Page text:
Tuesday, July 19, 2016

18th Century Justice

Letter concerning Woodworth case
MS-1310, 747217
Sarah Woodworth, wife of Ichabod Woodworth of Lebanon, North Parish, was called to the meeting house for a public admonition on March 17, 1747. She was accused of stealing wool from Esther [Villanee? Wallace?] -- which Esther might have unlawfully taken from her own father -- but Sarah was also accused of "Profane & Sinfull Language" and "impertinence" in the face of the community's "Long Patience" with her. For this, Sarah faced a public admonition. This sentence was given by Eleazar Wheelock, founder of Dartmouth College, during his days as a pastor in Lebanon, Connecticut. This incident reveals a few things about 18th century justice.

Letter concerning Woodworth case
MS-1310, 746368
The saga of Sarah Woodworth began the year before, in June 1746, with a meeting of the Pastor (i.e, Wheelock) and the Council. After a Mrs. Stephen Tilldin plead on Sarah's behalf, "Mrs. Woodworth Comes in and Says She Chuse to have a hearing." The Council decided to see if Mrs. Woodworth had "any new Light to offer." This seems fair enough.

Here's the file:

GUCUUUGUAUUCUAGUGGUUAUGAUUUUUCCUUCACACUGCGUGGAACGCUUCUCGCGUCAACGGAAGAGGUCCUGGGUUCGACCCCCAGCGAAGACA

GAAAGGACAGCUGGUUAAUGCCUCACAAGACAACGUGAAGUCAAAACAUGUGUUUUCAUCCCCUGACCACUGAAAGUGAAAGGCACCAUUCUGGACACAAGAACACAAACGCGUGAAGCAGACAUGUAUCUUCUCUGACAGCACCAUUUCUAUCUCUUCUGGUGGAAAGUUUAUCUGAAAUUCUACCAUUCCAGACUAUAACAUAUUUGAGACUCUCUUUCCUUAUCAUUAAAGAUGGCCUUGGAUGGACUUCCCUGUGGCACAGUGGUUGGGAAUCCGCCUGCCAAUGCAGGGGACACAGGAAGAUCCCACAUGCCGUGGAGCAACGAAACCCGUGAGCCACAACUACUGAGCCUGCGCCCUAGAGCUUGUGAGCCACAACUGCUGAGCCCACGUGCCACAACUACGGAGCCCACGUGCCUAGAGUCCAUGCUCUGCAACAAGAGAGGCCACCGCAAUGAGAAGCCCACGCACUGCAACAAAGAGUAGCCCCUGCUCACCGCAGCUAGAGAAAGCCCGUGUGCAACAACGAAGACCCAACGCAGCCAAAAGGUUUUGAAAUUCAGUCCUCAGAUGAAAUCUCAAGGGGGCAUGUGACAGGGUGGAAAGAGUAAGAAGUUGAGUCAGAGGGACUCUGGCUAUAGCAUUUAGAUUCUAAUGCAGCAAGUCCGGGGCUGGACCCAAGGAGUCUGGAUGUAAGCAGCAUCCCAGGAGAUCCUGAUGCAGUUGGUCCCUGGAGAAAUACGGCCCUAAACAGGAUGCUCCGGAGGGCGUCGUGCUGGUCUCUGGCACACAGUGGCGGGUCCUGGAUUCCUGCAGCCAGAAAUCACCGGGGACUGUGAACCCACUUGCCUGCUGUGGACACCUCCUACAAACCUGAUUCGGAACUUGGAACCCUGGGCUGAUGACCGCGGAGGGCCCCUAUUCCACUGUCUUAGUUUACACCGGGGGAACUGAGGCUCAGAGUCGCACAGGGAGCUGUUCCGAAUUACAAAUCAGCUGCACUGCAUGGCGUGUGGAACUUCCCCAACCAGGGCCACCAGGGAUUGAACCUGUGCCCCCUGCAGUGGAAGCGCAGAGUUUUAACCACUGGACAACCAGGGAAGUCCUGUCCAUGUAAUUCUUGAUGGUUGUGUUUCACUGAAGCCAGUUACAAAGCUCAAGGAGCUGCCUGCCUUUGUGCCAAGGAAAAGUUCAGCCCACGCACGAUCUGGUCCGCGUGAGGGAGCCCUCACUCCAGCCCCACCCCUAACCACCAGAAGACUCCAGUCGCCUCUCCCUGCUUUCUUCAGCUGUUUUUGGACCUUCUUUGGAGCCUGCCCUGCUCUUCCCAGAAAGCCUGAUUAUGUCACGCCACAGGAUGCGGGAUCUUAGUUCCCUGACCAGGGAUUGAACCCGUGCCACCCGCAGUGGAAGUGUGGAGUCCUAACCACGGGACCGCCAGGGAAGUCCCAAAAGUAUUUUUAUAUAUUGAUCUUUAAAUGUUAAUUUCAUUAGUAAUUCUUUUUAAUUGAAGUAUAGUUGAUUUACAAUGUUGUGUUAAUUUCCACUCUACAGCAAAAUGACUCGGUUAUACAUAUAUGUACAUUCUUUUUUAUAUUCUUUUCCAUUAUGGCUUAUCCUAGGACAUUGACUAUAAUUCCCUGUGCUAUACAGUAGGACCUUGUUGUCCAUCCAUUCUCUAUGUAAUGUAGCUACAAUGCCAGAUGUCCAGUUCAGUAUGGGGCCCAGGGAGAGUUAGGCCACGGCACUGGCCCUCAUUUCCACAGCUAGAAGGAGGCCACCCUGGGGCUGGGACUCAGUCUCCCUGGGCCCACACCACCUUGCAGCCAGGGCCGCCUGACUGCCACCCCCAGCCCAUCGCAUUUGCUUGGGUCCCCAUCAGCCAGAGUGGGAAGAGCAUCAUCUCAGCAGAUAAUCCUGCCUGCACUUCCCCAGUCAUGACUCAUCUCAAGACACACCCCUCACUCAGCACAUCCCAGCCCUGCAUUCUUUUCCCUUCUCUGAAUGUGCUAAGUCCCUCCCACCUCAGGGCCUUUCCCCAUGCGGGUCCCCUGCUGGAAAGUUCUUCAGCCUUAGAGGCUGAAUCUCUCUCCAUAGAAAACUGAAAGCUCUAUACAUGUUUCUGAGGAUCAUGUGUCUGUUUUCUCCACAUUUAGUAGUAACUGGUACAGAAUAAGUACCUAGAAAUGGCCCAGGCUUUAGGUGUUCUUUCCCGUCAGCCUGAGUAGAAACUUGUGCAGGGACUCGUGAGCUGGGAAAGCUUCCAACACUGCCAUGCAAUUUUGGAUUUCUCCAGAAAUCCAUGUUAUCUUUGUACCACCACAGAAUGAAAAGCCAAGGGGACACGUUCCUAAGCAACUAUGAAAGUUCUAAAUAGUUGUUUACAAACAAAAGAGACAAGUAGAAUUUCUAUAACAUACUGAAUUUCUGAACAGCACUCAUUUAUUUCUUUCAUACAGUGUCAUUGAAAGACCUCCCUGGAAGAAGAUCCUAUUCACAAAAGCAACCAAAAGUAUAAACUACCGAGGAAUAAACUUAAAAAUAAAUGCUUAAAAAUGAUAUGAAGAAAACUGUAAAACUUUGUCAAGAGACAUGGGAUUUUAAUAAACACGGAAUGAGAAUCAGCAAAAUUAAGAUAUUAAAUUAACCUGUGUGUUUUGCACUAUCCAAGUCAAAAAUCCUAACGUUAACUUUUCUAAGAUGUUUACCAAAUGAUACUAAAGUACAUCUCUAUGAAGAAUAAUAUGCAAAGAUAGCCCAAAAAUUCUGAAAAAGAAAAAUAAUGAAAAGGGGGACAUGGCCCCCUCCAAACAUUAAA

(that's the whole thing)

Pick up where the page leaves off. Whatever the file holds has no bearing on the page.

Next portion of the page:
Then comes the public admonition -- not a verdict handed down by the current US judicial system. We don't have any surviving documentation, but we can presume that the accusations in MS-1310, 747217 were read out in the meeting house. (We imagine a deep, ringing voice, with something like thunder in it.)

However, in 1750, Wheelock wrote a letter noting that Sarah had "many Symptoms of a Delirium," she was admonished and the case against her dismissed (MS-1310, 750330). But this admonition should not be so great, Wheelock writes, that it would be "her Ruin."

So, what is this a case of? Was she truly ill (and delirious) in 1747, or in 1750? Was she aging poorly? Was she an outspoken woman in a society that did not approve of such "impertinence"? From these documents, we may never know. Research paper, Dartmouth students?

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